They say all work and no play makes Jack a dull boy. And it’s
true — hobbies make you more interesting and fun to
be around and keep your body and brain rested and renewed.
But your activity of choice also makes you better at business by
improving essential skills like memory, creative thinking, and overall job
Hobbies also help us keep learning. This is key as we tend to
stop learning as we get older.
suggests that by age 25 our brains tend to get “lazy.” It’s not
that our gray cells can no longer learn new things, but rather we
rely on a set number of neuro pathways to do our thinking. In
other words, we get stuck in a brain rut.
However, it’s possible to break free and become new learners and
hobbies can help. For instance, one study that
focused on 200 older adults found that learning a mentally
challenging skill can improve memory. In this case, the people
took up hobbies like photography and quilting that required them
to complete cognitive demanding and complex tasks.
Hobbies often can make you a more valuable worker. Another
suggested that people who spend time on hobbies tend to perform
better on the job. They also are more likely to come up with
creative solutions to problems at work and are more likely to
help their co-workers.
In addition to research, many top business leaders tout the value
of hobbies. Indian billionaire Anil Ambani is a serial marathon
runner, Richard Branson kite surfs, Marissa Mayer bakes cupcakes,
and Twitter’s Jack Dorsey hikes.
In fact, Mark
Zuckerberg believes he learned more from doing side projects
in college than from his classes. And both Warren Buffett and
Bill Gates are long-time bridge players and they have commented
how the game stimulates their strategic thinking. “In the stock
market, you don’t base your decisions on what the market is
doing, but on what you think is rational,” says Buffett. “Bridge
is about weighing gain/loss ratio. You’re doing calculations all
Hobbies can help improve your business and bottom line in other
ways too. For example, hobbies help you better structure your
you have to balance it with other aspects of your life. This can
help improve time management, and as the saying goes, “time is
money.” Yet most of all hobbies simply increase happiness, and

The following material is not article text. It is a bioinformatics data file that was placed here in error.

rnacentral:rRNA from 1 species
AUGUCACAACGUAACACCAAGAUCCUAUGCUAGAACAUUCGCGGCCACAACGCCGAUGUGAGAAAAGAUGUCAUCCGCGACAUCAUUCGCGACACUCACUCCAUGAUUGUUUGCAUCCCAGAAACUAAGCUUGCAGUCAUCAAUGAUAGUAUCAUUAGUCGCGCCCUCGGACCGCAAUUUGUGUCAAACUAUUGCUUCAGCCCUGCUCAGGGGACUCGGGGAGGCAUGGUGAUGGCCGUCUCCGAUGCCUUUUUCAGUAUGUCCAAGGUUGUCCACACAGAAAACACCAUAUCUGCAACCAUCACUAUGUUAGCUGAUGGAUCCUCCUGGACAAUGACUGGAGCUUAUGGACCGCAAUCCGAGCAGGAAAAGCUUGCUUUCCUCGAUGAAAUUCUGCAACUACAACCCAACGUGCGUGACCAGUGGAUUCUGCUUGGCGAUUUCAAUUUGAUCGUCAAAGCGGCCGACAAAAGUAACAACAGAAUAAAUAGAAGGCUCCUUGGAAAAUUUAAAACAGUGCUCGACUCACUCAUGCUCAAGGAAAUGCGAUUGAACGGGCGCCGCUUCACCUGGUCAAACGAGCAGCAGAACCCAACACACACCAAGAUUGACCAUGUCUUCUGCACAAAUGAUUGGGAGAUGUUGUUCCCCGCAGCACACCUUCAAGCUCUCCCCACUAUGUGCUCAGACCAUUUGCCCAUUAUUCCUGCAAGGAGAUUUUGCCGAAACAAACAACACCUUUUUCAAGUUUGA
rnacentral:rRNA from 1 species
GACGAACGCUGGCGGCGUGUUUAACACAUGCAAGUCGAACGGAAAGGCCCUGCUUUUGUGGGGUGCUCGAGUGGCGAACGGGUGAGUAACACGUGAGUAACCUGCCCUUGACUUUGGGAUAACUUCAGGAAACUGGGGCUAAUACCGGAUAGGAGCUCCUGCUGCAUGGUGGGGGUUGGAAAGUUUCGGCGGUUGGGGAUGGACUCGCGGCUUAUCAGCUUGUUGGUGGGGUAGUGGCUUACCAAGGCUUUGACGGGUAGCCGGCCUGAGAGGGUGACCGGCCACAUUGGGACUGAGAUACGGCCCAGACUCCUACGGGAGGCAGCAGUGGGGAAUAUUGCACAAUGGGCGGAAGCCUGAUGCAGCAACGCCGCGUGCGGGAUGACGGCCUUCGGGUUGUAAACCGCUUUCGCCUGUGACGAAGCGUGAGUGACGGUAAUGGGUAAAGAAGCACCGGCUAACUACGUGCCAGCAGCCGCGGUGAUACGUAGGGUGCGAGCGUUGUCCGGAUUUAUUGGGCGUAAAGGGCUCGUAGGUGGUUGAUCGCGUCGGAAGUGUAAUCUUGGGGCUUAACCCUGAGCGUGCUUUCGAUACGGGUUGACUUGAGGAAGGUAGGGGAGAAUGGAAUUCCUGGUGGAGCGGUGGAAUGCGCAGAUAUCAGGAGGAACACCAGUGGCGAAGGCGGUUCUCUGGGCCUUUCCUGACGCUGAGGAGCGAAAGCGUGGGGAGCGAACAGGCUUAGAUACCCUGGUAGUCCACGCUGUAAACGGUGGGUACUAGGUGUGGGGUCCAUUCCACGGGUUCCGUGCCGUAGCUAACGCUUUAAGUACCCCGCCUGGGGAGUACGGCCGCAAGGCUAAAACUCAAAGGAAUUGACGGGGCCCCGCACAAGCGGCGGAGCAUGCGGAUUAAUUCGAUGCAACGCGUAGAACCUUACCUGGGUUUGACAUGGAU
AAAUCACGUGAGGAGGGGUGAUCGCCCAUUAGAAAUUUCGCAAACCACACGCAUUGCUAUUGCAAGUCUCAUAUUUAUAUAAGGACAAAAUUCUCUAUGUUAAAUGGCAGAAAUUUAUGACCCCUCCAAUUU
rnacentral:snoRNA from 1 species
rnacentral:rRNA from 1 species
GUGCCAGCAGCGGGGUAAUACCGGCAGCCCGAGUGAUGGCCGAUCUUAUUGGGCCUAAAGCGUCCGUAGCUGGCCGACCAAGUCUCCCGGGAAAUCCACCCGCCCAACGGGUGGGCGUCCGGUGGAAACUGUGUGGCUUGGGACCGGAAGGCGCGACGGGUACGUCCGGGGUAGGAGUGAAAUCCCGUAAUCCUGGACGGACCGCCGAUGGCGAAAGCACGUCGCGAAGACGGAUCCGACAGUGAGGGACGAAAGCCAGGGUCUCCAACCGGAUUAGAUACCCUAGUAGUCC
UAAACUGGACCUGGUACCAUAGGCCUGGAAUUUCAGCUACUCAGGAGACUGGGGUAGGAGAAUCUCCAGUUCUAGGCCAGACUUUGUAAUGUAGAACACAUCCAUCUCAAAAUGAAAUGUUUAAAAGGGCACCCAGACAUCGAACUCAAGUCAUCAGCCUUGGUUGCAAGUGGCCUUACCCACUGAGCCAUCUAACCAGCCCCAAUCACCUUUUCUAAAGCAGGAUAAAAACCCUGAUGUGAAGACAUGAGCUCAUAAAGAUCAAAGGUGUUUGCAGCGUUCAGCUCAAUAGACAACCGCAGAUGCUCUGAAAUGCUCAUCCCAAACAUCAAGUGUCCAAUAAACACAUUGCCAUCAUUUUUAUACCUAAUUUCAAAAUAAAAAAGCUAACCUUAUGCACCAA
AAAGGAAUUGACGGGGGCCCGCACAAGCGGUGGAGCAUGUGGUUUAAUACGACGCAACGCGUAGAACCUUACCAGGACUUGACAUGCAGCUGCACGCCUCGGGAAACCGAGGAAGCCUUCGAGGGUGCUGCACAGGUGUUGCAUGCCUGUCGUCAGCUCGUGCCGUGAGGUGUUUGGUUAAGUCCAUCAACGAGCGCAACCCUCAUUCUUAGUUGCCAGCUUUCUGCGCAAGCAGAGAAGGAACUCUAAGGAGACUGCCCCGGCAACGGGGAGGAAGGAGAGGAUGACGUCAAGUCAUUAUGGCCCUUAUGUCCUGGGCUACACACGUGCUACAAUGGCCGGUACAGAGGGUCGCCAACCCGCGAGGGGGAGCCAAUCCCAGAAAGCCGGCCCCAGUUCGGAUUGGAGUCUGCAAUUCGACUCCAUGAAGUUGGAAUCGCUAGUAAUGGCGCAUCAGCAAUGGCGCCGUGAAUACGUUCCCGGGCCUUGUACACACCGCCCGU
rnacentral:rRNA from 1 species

happy workers are more productive and dedicated.
Does it matter what hobby you take up? Research
has suggested that learning a new creative hobby, such as art,
music, gardening, or a language, offer more direct
business-related benefits as they stimulate your thinking and
problem-solving skills. I experienced this myself when I began
learning bass guitar as an adult. You don’t realize how hard it
can be to be an adult learner until you put yourself in the
position to be a beginner, to be vulnerable and sponge to
learning something new.
Sticking with something, even when you are not the best at it, is
hard but the outcome of realizing how to learn again is extremely
valuable for business. I have found my bass playing challenges me
to use different skills while improving my existing ones. And
many times when I’m stuck with a work problem, I can refer back
to how I learned a new riff on guitar, even when it was
challenging, and apply those learning skills back to work and
come back to the business situation with a new perspective.
However, what is most important is that you enjoy your hobby. It
should be something that excites you as well as helps you relax
and step away from the hustle and bustle of life for a while.
So what activities, hobbies, or interests excite you? Write them
down, pick one, and get going. Don’t worry if it doesn’t stick or
you find your enjoyment waning after a while of doing it. When
you need to find that joy again, simply choose another activity
to learn. Time devoted to yourself is always time well spent and
don’t be surprised if your new found hobby also teaches you how
to try new things in business and drive more innovation through
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